Pneumatic conveying for spices
Connecting a pneumatic conveying system to existing equipment would have brought considerable benefits, some immediately obvious, others important, but not always perceivable at first glance. Human labour in both spice transport and packaging would be eliminated, replaced by a simple check of the system. In other words, the product will be transported in closed pipelines, resulting in greater speed, better hygiene, no spillage and virtually no risk of injury to workers. No heavy containers to be moved by hand or with pallet trucks, everything will be transported in overhead pipes or fixed to the walls, thus also freeing up space in the hall. At the packaging station, the electronic automatic weighing system will allow the quantity of spices to be precisely dosed into the bags. There will be no more wastage and all packs will contain exactly the same amount of product.
The most challenging section of the pneumatic conveying system we have created is at the end of the sieve table, where the chopped and selected product is taken in three different formats. The powdered spice is simply dropped into a stainless steel hopper and pneumatically sucked from there to the larger dosing hoppers. The particle size and flow characteristics of the less fine spice, together with the larger quantity coming out of the sieve, do not allow the use of a gripping solution as for the powder. This is why we opted for direct suction through a steel funnel conveyor and subsequent pneumatic conveying to the second weighing and packaging station. Similarly, the third gripping point required an even different solution before conveying the spice from the larger pieces to the cycle’s starting tank for reinsertion. In this third case we are dealing with leaf fragments, twig bits and bark shreds in even larger quantities. Larger elements require more air flow in the conveying pipes and involve the risk of clogging due to their tendency to compact tightly. This is why a vibrating channel is the optimal choice, designed to keep the spices in a smooth flow before suction.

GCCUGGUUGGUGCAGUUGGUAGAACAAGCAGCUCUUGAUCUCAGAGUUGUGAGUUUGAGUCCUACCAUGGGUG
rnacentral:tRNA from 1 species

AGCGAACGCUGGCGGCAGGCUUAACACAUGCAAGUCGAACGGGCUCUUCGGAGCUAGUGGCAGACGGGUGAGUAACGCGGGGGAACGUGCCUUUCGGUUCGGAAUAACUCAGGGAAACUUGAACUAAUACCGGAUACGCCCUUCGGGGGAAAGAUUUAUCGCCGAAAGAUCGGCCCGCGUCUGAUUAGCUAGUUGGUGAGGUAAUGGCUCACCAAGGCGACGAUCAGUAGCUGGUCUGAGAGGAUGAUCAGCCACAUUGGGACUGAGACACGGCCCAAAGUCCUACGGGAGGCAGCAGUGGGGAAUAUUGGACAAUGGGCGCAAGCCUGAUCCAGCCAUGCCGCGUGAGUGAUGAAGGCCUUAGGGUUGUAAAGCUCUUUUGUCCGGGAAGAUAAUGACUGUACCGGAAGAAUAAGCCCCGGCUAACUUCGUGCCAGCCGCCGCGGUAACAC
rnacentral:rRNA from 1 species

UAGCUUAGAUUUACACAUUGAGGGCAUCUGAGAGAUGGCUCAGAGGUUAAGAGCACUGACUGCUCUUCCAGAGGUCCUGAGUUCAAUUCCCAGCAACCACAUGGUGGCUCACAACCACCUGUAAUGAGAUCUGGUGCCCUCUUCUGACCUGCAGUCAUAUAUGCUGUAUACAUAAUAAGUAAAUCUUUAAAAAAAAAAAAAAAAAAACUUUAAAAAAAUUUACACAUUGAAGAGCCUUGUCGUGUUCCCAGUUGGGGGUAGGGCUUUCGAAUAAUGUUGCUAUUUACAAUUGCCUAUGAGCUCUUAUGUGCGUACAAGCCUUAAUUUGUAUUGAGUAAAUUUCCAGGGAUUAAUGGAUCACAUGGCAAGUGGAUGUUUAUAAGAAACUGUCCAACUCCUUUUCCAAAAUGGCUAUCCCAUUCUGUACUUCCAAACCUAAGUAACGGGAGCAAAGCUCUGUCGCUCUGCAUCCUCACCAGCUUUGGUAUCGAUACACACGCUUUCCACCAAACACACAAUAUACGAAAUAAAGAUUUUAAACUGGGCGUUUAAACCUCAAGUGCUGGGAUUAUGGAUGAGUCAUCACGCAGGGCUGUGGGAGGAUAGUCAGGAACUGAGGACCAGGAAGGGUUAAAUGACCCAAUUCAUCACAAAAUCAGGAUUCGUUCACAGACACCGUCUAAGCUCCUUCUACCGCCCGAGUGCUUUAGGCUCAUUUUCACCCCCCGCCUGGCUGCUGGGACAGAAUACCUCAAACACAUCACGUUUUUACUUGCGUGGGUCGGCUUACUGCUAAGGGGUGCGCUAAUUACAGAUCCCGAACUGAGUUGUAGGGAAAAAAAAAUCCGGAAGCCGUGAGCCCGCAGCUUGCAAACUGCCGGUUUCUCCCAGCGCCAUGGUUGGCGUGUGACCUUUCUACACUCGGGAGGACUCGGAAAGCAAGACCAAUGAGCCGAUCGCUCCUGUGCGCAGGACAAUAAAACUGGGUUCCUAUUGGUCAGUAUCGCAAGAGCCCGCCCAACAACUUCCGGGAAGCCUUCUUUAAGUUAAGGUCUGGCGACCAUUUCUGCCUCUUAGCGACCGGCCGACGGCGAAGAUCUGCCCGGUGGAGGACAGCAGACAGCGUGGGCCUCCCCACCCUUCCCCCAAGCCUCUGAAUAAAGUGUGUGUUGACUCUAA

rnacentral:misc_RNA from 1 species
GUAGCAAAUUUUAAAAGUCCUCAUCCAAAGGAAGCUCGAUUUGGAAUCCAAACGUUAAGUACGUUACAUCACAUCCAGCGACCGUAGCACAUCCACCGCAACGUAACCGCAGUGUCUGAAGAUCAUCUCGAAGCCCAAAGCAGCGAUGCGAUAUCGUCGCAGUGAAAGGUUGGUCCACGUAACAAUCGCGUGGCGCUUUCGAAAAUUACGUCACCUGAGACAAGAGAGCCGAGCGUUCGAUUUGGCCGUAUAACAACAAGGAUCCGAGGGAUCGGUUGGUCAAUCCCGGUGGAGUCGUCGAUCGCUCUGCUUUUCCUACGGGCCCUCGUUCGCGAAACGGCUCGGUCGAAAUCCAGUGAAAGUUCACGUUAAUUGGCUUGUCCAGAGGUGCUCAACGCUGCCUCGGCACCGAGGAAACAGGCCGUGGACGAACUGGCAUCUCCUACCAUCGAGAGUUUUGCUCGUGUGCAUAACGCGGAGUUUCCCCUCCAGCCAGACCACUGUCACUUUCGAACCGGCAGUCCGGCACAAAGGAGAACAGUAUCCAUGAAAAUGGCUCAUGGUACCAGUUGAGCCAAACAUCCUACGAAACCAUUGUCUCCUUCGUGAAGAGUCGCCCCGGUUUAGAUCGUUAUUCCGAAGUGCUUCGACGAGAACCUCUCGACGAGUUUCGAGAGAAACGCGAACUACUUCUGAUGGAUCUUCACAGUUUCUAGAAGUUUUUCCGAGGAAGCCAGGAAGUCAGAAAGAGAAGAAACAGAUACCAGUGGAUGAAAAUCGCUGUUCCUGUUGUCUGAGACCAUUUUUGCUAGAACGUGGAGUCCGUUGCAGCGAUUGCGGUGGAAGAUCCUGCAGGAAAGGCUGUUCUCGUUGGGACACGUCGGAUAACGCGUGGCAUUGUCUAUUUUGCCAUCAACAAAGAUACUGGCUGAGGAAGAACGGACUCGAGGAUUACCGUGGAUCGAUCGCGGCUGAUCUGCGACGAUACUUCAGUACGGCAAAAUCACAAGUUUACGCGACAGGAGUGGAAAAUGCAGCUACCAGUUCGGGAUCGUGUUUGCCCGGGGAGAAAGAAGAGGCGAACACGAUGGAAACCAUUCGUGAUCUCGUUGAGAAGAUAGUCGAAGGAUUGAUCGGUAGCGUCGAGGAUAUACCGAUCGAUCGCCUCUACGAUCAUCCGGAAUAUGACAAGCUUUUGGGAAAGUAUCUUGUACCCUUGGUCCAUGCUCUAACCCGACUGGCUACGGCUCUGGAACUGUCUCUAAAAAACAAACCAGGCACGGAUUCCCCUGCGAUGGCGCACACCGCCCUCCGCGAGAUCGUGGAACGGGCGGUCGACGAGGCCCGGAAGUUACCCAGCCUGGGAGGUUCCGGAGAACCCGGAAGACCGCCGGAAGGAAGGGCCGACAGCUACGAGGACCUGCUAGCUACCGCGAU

To increase the safety of the entire pneumatic spice transport system, two level indicators have been installed in the holding hoppers of the first and third intakes. This is a mechanism based on a very slowly rotating paddle placed almost at the top of the container. If one of these paddles blocks, the system knows that a blockage has almost filled the corresponding hopper. The electronic system would then trigger an alarm and switch off the corresponding suction line, thus protecting pumps and machinery. Why wasn’t the same thing done at the second spice intake? Because with direct suction there is no parking of the product, as happens in the collection basins, which as it arrives is immediately sucked up and taken away.
Avoiding system downtime